Canning-plant workers say discrimination is behind wage cuts
The chants of ``Viva la Huelga'' (Long live the strike) once again echo through desolate industrial streets in an area made famous by John Steinbeck. In the 1930s, the cries came from union organizing drives. Today they come from nearly 2,000 Latina women, striking against two of the United States's largest frozen-food packers. Striking members of Teamsters Local 912 say that the two companies are trying to cut their wages by up to 40 percent because almost all of the workers are Mexicans and Chicanos (Mexican-Americans). Officials of Watsonville Canning and Richard Shaw Frozen Foods Inc. deny there is any issue of discrimination and say they must reduce labor costs to compete with cheaper, out of state imports.
Rafael Espinoza, vice-president of San Francisco's hotel and restaurant union and co-chairman of a strike support committee, notes that ``this is one of the most significant strikes in recent times. The poorest and most discriminated against are the ones saying no to concessions. They fight not only for unionists, but for the rights of Latinos and women.''
Watsonville is an agricultural town of 24,000 people, about 100 miles south of San Francisco. For many Chicanos and Mexican nationals (US green-card holders), work in the canneries is a welcome step up from seasonal work in the fields.
The Teamster master contract once provided $7.06 an hour for production-line workers. Three years ago, Watsonville Canning negotiated a separate contract cutting wages to $6.66, and on Sept. 9, 1985, unilaterally cut them to $4.75. On Oct. 28, workers, by a vote of 800 to 1, turned down the company's ``final offer'' of $5.05.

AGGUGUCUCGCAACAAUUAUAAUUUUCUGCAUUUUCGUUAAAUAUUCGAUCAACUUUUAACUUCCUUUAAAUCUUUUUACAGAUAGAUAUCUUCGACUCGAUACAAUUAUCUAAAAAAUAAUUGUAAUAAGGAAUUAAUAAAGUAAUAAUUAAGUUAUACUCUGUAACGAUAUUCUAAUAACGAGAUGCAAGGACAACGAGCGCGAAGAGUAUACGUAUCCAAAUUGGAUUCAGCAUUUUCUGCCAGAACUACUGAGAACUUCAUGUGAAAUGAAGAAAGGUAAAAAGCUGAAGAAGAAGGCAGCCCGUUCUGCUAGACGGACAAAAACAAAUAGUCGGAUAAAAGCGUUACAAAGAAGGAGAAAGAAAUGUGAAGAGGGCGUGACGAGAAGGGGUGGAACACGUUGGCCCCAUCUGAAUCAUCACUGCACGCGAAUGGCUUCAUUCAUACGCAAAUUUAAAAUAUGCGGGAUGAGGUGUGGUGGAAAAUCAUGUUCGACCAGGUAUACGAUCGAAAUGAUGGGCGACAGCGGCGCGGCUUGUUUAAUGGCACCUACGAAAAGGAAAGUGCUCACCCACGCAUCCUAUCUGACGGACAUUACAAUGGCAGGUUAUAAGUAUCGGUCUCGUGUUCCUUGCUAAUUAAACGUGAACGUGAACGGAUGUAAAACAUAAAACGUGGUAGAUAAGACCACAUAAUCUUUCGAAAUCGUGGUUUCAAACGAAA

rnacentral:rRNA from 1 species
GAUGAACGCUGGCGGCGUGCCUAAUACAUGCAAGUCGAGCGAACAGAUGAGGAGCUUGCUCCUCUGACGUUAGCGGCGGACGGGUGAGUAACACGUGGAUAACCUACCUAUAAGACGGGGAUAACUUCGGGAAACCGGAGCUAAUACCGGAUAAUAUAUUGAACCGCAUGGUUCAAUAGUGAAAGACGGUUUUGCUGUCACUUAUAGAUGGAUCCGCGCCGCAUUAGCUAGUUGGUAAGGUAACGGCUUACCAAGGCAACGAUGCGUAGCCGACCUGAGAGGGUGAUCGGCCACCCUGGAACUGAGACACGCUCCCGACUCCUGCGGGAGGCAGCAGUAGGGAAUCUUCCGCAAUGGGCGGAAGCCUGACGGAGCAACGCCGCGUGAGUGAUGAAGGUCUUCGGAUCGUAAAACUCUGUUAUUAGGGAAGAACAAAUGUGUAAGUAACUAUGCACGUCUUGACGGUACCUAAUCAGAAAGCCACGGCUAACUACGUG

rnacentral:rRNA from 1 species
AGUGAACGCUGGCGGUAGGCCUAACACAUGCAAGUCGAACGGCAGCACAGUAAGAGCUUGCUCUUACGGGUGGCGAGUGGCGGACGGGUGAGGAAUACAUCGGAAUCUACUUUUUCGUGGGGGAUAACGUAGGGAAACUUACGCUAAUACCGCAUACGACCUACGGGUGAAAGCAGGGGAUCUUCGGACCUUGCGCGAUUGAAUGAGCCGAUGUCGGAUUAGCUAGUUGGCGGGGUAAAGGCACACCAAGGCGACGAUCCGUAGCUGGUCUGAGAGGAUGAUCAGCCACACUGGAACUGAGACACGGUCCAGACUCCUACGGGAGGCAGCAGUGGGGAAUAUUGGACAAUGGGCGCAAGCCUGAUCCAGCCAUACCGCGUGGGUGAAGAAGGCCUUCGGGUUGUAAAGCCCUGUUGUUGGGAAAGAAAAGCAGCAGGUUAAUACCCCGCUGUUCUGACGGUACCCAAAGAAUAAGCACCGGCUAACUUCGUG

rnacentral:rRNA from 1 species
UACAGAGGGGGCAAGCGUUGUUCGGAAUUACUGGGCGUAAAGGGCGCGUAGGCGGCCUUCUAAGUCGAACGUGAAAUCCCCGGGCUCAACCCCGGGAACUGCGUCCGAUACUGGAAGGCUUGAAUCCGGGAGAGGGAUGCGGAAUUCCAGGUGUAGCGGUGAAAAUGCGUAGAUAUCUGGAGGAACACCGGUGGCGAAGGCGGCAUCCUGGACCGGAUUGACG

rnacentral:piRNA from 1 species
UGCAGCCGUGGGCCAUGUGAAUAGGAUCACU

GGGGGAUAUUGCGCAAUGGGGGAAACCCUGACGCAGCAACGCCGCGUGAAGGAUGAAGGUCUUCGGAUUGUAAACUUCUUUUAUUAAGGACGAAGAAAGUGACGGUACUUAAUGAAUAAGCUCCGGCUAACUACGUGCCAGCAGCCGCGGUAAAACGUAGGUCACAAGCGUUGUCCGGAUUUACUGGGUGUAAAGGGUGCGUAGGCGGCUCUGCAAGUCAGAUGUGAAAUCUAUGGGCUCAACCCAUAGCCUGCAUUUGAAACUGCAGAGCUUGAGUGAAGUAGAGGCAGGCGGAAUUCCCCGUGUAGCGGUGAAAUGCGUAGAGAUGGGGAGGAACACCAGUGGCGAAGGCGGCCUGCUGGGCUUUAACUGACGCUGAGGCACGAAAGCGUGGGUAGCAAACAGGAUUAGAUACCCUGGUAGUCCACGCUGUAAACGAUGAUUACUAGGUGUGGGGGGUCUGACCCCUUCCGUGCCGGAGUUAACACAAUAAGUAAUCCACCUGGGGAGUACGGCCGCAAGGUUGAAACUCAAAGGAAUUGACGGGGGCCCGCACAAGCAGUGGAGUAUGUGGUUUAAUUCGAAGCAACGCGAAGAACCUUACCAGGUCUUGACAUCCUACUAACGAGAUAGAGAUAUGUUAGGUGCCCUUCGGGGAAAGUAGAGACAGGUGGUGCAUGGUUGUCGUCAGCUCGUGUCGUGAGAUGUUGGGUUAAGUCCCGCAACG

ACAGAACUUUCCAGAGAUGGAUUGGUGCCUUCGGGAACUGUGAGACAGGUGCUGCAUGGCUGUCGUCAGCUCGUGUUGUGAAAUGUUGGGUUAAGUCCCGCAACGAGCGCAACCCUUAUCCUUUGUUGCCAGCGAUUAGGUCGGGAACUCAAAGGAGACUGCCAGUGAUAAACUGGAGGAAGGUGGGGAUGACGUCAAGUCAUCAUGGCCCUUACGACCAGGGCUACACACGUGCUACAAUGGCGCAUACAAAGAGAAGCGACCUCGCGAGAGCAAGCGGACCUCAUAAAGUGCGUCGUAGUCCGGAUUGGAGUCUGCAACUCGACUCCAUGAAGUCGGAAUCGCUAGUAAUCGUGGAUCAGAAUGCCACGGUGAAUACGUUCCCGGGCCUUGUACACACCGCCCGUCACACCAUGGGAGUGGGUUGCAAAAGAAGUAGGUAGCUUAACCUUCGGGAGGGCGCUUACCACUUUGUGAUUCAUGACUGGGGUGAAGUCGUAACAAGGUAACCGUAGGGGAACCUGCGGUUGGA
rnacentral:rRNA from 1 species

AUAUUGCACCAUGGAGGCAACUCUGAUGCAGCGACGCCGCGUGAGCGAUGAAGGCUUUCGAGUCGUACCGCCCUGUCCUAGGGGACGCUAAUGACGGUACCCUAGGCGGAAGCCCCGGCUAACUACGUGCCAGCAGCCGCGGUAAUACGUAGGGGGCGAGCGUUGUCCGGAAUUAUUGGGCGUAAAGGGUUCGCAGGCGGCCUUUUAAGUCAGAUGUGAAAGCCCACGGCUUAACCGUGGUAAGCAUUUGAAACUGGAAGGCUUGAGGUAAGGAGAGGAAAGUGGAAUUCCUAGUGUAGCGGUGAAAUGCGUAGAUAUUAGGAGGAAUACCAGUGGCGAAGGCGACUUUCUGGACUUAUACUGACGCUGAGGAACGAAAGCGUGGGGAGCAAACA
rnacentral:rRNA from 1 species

``They think they can shove us around because we are Mexicans,'' says Gloria Betancourt, a 22-year veteran at Watsonville Canning and an elected strike leader. ``They want to lower wages for the entire industry, but we're going to stop them here in Watsonville.''
The strike has received support from the United Farm Workers union, the League of United Latin American Citizens, the Mexican American Political Association, and other church, labor, and student groups. On Nov. 3, roughly 2500 northern Californian's will attend a Solidarity Day march and rally for the strike.
Larry Vawter, personnel manager at Watsonville Canning, says his company's wage cuts were necessary to stave off bankruptcy. ``Basically it's because of the competition we face in Texas, Washington, Oregon, Mexico, and European countries,'' he says, ``they're selling the same product for $2-3 less a case.''
Steve Shaw, vice-president and general manager at his father's firm, says that ``we had a moderate rollback [in wages] just to bring us into a parity situation with the rest of the industry.''
Four other frozen food packers in the state, however, just signed a Teamster contract freezing wages at $7.06 an hour. For example, Simplot Company, a competing local packer, cut back some benefits but provided a small wage increase.
Both Mr. Vawter and Mr. Shaw are reluctant to compare their wages with other companies in the industry, trying instead to focus the public's attention on the issue of alleged striker violence.
``On Oct. 13, they burned down one of our plants,'' Vawter says. ``Obviously [Teamster Local] 912 is behind . . . all of it. . . . 912 people, including officers, are involved with this.''
Fire Department investigators have determined that the fire was caused by arson. No arrests have been made.
Teamster 912 business representative Sergio Lopez strongly denies any union leaders were involved. ``Plant 2 is one of the least used buildings. I would say that somebody should look into the company's activities. . . .'' Many strikers interviewed on the picket lines say they believe that the company set the fire for insurance purposes and to discredit the strike.
Shaw admits his plant is running at only 30 percent of normal capacity; Vawter would not give out specific figures. But both intend to weather the strike at least until the packing season ends in early December.
The strikers are also girding for a long battle, with members gathering community and union support in the area. That support is encouraging to Gloria Betancourt.
``You can really feel the solidarity and brotherhood,'' she says. ``That's why we'll win.''